It seems that Mike Ashley is in a battle to get control of Rangers FC from Rangers board member Dave King, and a couple of former players don’t understand why Rangers fans are objecting to Mike Ashley coming in with his money and saving Rangers FC.
Mike Ashley – Newcastle United owner
Maybe they should study what Mike Ashley has done at Newcastle in seven years, and understand the significant frustration of Newcastle fans with Ashley, because he is not ambitious enough for Newcastle United and he basically runs the club as a bank – where money is (much) more important than the team.
This is what former captain Richard Gough has said today:
“Does it have to be that way?” “Is there no way these two businessmen can work together for the benefit or Rangers?”
“The Newcastle owner appears to have watertight retail contracts at Ibrox and is obviously out to make money.” “It’s in everyone’s best interests that Rangers are back in the Champions League as soon as possible.”
“I’m positive about that.” “He has a plan and will invest the cash if he gets the chance.” “Charles Green’s Rangers legacy has been handing over these lucrative contracts to Ashley.”
“The Englishman is not going anywhere and by calling for an emergency general meeting and trying to remove Graham Wallace, he’s clearly out to make his presence felt.”
And former Celtic player Davie Provan, who is now a pundit, also thinks that Mike Ashley would be able to help Rangers big time:
“Am I missing something with Mike Ashley?” “He wiped Newcastle’s debt out, handed them £130M interest free and backed Alan Pardew beyond reason.”
“Yet the billionaire’s money isn’t welcome at Ibrox?” “Sure, Ashley can see there’s money to be made from Rangers merchandising, but rich men usually want some bang for their buck.”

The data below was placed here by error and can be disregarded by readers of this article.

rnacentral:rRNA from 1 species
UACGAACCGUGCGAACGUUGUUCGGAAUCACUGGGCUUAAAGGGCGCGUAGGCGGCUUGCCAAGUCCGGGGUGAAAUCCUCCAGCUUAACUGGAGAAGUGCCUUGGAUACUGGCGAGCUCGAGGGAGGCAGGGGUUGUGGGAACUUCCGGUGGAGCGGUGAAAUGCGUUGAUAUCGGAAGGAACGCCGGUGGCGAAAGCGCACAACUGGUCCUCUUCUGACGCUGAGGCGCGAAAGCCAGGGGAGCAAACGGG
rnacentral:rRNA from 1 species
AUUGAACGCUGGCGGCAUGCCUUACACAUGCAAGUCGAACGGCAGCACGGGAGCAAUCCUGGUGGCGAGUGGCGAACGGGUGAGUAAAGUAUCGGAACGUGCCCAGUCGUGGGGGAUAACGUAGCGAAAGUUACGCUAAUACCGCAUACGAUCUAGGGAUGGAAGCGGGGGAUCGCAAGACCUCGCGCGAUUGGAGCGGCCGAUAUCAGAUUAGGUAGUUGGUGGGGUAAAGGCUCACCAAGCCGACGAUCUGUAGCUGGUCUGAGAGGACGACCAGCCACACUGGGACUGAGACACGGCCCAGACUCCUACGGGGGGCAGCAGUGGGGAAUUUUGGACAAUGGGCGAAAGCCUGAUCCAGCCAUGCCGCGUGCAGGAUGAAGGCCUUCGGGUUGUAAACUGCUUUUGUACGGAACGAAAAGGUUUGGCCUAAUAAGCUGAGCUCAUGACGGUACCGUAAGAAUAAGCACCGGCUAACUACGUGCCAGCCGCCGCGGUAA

“At Man City, Sheikh Mansour bought the club and renamed the stadium just to promote Etihad Airlines.” “Try finding a City fan complaining.”
It’s not true that Mike Ashley wiped the debt out at Newcastle, since we owed about £130M and were paying interest to banks for that money – so the change is that we now owe Mike Ashley £130M – he hasn’t forgiven that debt and it’s still a loan Newcastle have with the owner.
Mike isn’t pushing for the loan to be paid off, and it’s true it’s a cheaper loan because he makes no interest on it, but in return he advertises Sports Direct all over St. James’ Park, and pays nothing to Newcastle United for that world-wide advertising.
And there’s just no way you can compare Sheikh Mansour with Mike Ashley.
Mansour, like Chelsea owner Abramovich before him, poured lots of his own money into the club – close to a billion pounds since August, 2008, and bought almost a whole team in his first year in charge, and City’s goal is to be the best club in Europe.
Mike Ashley is nothing like that, and after two years of ownership we were relegated to the second division, and basically Ashley uses Newcastle and St. James’ Park as a world-wide advertising vehicle for Sports Direct.
If you want to see what we mean by that, tune into any Premier League game at St. Jame’s Park, and the only thing you see are adverts all over the place for Sports Direct.
Ashley’s ambitions seem to be to keep Newcastle in the Premier League, so it can act as a world-wide advertising vehicle for his company – but we have no chance of competing for the top six in England these days, and we could be struggling against relegation (again) this season.
It’s true that Mike Ashley would see that Rangers would not go bankrupt again, but then he would need to own Rangers, and there are problems with owning two clubs who may compete with each other.
And there’s just no way Mike Ashley will sell Newcastle, with the next three year deal for the TV rights to the Premier League being estimated at over £4B – which means that more than half the clubs in the Premier League will earn over £100M each May.
Newcastle got £79.5M last May for finishing 10th in the PL last season on the current deal, and that money is estimated to go up by about one third for the next TV deal, which will kick in during the summer of 2016.
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